7 Memorable Ways to Experience Maui

You can swim with turtles, ride a submarine, count rainbows, sip some pineapple wine and more when you explore Maui's many gems beyond the beach

Credit: Lisa Manfield

Go beyond the beach in Maui for sights and experiences you’ll never forget

Maui’s popularity as a winter destination for sun-deprived North Americans leads to a lot of crowded beaches at this time of the year. And with good reason—sun, sand and surf are in short supply in the Northern Hemisphere.

But once in Maui, you’ll miss out on the island’s many hidden gems if you spend all your time on the beach; the kinds of out-of-the-ordinary activities that will ensure your vacation lives on in your memory long after your tan fades.

So, if you’re willing to think outside the beach, consider adding these 7 off-beach activities to your Maui itinerary.

Credit: Lisa Manfield

Trilogy Snorkel Sail

Snorkelling might not be out-of-the-ordinary for a tropical vacation, but no day that includes swimming with turtles and following in the wake of migrating humpback whales could possibly be considered ordinary.

A Trilogy snorkel sail tour from Kaanapali Beach might just be the best $100 and 5 hours you’ve ever spent. An experienced and entertaining crew takes you to the best local snorkelling spots, and while you’re interacting with the amazing aquatic life, they’re on the lookout for whales. And if you’re visiting between December and April, when 10,000 humpbacks migrate from Alaska to give birth to their young, you’re likely to spot numerous mother-and-calf duos (look for a crowd of sailboats and you’ll probably find whales hanging out there, too).

The tour includes two hours of snorkelling, breakfast, a salmon lunch and some of the best views of Maui you’ll get both above and below sea level.

Credit: Lisa Manfield

Atlantis Submarine

If exploring the ocean’s depths via snorkel is a more adventure than you bargained for, opt for an Atlantis submarine tour instead. For about an hour, you’ll get a first-hand look at the bottom of the ocean from the circular vista of your submarine window. Schools of fish surround the 65-foot-long sub as it descends to 100 feet and makes its way to an artificial reef created by the sinking of an old German supply ship. And if you’re really lucky, you might spot a grey reef shark snoozing quietly on the ocean floor.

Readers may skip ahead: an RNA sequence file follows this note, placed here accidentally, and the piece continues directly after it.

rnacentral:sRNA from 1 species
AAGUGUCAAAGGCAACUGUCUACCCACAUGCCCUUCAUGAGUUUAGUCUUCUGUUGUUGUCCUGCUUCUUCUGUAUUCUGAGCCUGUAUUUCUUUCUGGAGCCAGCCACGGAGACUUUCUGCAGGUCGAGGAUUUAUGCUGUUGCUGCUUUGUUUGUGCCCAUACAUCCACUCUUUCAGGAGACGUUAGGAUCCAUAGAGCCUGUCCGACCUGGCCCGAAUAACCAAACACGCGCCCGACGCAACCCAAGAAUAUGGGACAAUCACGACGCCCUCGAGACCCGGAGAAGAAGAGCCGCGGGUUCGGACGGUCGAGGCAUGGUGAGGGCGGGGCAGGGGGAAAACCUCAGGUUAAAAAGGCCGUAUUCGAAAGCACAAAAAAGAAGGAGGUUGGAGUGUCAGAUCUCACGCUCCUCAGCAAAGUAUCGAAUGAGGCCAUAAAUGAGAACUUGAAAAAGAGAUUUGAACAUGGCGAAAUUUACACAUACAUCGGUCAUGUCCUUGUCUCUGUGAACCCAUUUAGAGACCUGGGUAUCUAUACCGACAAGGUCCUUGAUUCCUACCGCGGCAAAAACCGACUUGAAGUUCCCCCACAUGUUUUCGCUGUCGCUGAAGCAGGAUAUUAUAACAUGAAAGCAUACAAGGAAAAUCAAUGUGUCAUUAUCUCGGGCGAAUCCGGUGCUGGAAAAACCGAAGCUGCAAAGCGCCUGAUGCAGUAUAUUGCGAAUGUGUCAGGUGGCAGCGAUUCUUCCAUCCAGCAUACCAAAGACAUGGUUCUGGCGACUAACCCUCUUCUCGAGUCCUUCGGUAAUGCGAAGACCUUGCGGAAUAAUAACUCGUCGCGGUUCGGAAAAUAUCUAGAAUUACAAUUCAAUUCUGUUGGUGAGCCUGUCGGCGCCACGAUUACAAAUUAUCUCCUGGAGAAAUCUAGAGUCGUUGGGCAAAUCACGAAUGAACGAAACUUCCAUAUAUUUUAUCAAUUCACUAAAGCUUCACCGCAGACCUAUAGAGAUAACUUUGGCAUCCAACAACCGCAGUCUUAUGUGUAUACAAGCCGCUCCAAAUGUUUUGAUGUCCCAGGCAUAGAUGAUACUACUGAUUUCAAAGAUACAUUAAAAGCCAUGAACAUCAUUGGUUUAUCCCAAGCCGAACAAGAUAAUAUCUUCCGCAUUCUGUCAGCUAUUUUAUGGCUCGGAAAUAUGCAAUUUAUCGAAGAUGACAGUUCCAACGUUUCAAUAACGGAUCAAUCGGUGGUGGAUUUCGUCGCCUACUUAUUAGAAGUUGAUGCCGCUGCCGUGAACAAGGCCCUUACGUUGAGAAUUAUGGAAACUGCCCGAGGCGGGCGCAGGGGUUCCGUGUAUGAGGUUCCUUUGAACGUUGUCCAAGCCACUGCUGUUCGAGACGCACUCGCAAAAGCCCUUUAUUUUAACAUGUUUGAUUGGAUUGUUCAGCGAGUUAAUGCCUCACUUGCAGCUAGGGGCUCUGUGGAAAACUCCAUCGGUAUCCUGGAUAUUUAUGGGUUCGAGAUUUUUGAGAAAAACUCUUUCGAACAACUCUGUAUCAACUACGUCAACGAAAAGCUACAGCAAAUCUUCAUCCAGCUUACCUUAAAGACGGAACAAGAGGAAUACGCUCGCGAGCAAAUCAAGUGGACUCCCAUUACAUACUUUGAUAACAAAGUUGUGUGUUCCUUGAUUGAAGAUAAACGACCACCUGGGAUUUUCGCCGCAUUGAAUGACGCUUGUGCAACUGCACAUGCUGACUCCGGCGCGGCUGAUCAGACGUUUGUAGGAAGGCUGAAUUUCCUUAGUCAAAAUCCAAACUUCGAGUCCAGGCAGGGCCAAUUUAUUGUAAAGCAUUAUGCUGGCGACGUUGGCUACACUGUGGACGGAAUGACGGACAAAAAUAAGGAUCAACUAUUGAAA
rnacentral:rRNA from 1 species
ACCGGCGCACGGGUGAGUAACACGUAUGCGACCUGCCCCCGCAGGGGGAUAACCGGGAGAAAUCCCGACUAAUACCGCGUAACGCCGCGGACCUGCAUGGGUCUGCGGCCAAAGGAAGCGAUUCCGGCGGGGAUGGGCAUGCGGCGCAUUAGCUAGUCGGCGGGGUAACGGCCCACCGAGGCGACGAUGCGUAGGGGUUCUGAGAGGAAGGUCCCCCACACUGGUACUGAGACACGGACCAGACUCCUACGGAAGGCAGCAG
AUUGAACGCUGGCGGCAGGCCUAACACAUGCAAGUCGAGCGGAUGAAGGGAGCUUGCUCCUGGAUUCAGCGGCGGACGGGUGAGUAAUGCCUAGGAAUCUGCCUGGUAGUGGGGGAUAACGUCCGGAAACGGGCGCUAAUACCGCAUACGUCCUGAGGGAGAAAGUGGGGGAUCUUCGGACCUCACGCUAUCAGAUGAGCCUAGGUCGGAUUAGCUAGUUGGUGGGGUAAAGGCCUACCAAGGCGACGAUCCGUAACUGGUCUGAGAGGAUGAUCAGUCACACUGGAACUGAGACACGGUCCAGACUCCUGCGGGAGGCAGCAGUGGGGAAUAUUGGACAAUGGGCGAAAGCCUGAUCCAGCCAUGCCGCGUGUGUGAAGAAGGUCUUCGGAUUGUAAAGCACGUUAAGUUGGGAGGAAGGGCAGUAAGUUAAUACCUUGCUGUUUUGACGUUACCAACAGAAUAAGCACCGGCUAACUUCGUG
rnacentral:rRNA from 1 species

Credit: Lisa Manfield

Maui Ocean Centre

There’s no need to actually enter the water to explore the incredible creatures that live within its depths. If you’re salt-water-shy, just head to Maui Ocean Centre in Wailuku, home to the largest tropical reef aquarium in the Western Hemisphere. You’ll stay firmly planted on dry land while engaging and interacting with stingrays, jacks and sharks through a 54-foot-long watery tunnel. Other exhibits include a turtle lagoon, a hammerhead shark harbour and a living reef. The centre is open 365 days a year, and includes both indoor and outdoor exhibits, so you don’t have to miss out on the sunshine.

Credit: Lisa Manfield

Mount Haleakala

If you’re up for a good sunrise, try catching one at 10,000 feet above sea level. Hawaiians know the best place to watch the rising sun is at the top of Mount Halaekala (which means ‘house of the sun’). The drive is long – an hour and a half to two hours from most of the resort areas on the island, which means a 3:30 am wakeup call – but the fiery views will be worth the winding switchbacks and jostling tourists. That is, if you catch it on a cloudless day. Either way, dress warmly—it’s cold at the top of the mountain. And look for rainbows too—cloudy winter days produce an incredible array of colourful reflections. Make a day of your long journey and do some hiking while you’re there; stop at the park office on your way up to grab a trail map.

Credit: Lisa Manfield

Ali’i Kula Lavender Farm

Trade sand and surf for hillside fields and mountain vistas and take a tour of Maui’s upcountry region, starting with a stop at the Ali’i Kula Lavender Farm. Owner Koa Chang has continued the tradition of sustainable agriculture his father started back in 2002, growing sweet-smelling lavender that is folded into everything from deliciously scented soaps and lotions to delightfully flavoured teas and scones, served on-site in the farm’s charming garden café. Tour the farm by foot or by cart, reserve a gazebo for a private gathering, or pick up a few thoughtful gifts for those back home.

Credit: Lisa Manfield

Maui’s Winery

Pack a picnic lunch and pair it with a taster of pineapple wine at Maui’s Winery, where you can sip some of its fantastically fruity vintages, then camp out on the grounds for a serene lunch break while you admire the uniquely decorated landscape.

Credit: Lisa Manfield

Surfing Goat Dairy

After a taste of wine, you’ll surely be craving some cheese, so make your way to the Surfing Goat Dairy where you can try some of the 30 cheeses, take a tour, and if you’re lucky, feed a sweet little baby goat.